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Woman Libs 

Why aren't more libertarians female? Is it the rudeness thing?

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Are libertarians rude and repressed on principle or by predisposition? Why aren't more libertarians women? Why aren't more women libertarians? At the Libertarian Party's recent convention, held in Chicago at the Marriott, these questions came up in an unofficial panel discussion called "Women in Libertarianism--Success Stories." Many of the women who participated wondered if objectivism, the laissez-faire philosophy of libertarian heroine Ayn Rand, was connected with certain personality traits often observed among males of the libertarian persuasion. Gathered in a tenth-floor meeting room, they spoke freely.

"I just discovered I was raised by an objectivist father, and I'm recovering now."

"I grew up with a father who called politicians cockroaches to their faces."

"There are gentlemen in the party with higher intelligence, but they are not what you'd call 'people people.' "

A woman busy with needlework in her lap said, "They need us commonsensical types in order to function." Another said, "I have five children, which is unusual for a libertarian. They're all libertarians, I'm proud to say. Though my youngest seems to be a totalitarian activist."

Ayn Rand manifested a left brain/right brain imbalance, according to one woman. "I'd like to see libertarians be more free in their personal lives."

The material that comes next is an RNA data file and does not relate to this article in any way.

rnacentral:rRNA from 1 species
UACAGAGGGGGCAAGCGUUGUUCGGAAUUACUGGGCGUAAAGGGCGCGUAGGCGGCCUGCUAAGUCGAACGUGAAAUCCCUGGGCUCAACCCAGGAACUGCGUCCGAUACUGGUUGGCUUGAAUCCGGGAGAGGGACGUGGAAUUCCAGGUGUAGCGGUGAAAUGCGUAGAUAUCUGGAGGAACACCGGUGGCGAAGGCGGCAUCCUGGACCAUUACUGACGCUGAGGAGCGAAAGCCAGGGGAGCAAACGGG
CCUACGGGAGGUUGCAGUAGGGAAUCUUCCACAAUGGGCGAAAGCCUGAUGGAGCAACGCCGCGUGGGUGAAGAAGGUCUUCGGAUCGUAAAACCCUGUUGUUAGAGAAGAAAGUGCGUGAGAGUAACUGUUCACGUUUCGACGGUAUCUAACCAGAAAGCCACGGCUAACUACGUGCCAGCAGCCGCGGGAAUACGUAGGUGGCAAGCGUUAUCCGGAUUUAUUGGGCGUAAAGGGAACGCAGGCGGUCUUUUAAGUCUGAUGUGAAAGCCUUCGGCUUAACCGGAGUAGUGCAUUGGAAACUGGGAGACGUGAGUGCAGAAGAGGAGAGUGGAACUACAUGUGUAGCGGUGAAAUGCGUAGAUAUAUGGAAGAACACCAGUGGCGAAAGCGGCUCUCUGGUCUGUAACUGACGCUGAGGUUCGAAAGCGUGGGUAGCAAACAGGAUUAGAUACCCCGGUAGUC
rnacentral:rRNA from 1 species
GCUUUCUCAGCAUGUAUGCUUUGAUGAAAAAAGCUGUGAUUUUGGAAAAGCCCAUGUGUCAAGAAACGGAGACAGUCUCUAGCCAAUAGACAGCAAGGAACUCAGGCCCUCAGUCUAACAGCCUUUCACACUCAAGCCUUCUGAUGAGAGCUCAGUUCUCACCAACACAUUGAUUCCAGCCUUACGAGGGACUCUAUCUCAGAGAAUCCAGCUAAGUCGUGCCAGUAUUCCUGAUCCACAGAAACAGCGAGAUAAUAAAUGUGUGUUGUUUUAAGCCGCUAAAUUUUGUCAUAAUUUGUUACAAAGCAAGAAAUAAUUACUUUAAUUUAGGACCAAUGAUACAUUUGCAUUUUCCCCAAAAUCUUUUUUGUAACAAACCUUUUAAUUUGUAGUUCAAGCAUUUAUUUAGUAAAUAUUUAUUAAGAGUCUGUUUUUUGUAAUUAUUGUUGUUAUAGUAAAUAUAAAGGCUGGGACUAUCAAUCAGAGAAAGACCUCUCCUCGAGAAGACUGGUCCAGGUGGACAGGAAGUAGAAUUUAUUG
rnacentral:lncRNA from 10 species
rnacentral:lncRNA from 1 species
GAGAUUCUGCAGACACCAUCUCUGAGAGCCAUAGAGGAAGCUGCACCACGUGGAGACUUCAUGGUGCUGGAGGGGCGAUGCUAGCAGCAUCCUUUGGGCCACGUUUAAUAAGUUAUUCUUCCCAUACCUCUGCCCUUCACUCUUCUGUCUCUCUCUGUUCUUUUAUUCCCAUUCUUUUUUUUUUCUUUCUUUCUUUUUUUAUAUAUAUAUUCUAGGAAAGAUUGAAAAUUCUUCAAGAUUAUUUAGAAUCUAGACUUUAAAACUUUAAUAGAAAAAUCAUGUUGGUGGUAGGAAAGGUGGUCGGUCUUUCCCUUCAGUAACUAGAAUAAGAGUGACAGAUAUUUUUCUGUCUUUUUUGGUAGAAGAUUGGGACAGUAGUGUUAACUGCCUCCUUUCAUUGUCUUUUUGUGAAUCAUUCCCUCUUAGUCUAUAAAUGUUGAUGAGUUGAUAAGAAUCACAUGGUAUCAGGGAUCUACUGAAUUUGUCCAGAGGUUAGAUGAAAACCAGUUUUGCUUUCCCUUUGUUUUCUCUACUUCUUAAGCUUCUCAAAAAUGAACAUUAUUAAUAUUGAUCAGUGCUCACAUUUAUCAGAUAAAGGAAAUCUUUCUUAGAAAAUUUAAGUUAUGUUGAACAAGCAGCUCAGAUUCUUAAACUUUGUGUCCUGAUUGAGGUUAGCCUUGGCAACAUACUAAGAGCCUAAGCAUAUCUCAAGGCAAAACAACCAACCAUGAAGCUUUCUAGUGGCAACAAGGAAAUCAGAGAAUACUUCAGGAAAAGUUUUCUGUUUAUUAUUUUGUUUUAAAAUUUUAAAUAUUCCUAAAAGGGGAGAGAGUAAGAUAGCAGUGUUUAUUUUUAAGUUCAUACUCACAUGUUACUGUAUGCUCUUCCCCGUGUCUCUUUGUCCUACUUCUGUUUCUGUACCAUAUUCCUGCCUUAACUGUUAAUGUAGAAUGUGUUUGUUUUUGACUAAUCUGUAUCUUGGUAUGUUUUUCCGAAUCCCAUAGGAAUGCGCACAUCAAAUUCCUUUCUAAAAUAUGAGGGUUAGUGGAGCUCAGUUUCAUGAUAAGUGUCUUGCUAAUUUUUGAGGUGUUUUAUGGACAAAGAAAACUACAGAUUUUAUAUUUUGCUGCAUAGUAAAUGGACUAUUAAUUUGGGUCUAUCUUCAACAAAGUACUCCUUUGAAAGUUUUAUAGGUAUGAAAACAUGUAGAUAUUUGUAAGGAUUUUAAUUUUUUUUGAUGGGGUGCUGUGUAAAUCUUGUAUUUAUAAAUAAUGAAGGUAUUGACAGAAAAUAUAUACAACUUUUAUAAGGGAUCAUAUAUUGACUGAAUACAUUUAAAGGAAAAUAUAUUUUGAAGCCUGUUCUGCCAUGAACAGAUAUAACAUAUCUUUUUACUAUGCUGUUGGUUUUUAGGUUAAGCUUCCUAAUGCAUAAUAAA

"I couldn't help but notice that Ayn Rand is a woman, but almost every libertarian I meet is a man."

"I didn't join the party to get a husband--"

"--It just worked out that way," he interjected.

The discussion had barely started when the delegates were called downstairs to nominate the party's candidate for vice-president of the United States. The winner was Nancy Lord, a woman, who lost her race for mayor of Washington, D.C., last year.

The topic of women and libertarianism resurfaced in the aftermath of the convention, which had been christened "Liberty Triumphant." As Marriott workers stacked chairs and coiled microphone cables, another unofficial session began, "The 60s Looks at the 90s." The panelists were asked by an audience member, a man, "Now that women have been liberated from their womanhood, what are the chances they will be liberated to their womanhood?"

Panelist Timothy Leary, a professed libertarian, asked the fellow to repeat the question. He did. But his wording was the same as the first time. Leary searched for a relevant response. He said he was at a conference in Barcelona when a woman in the audience (he called her a "French neo-Marxist") scornfully inquired, "Well, Mr. Leary, now that you have given us our freedom, what do you propose we do with it?"

"Anything you fucking want!" he yelled.

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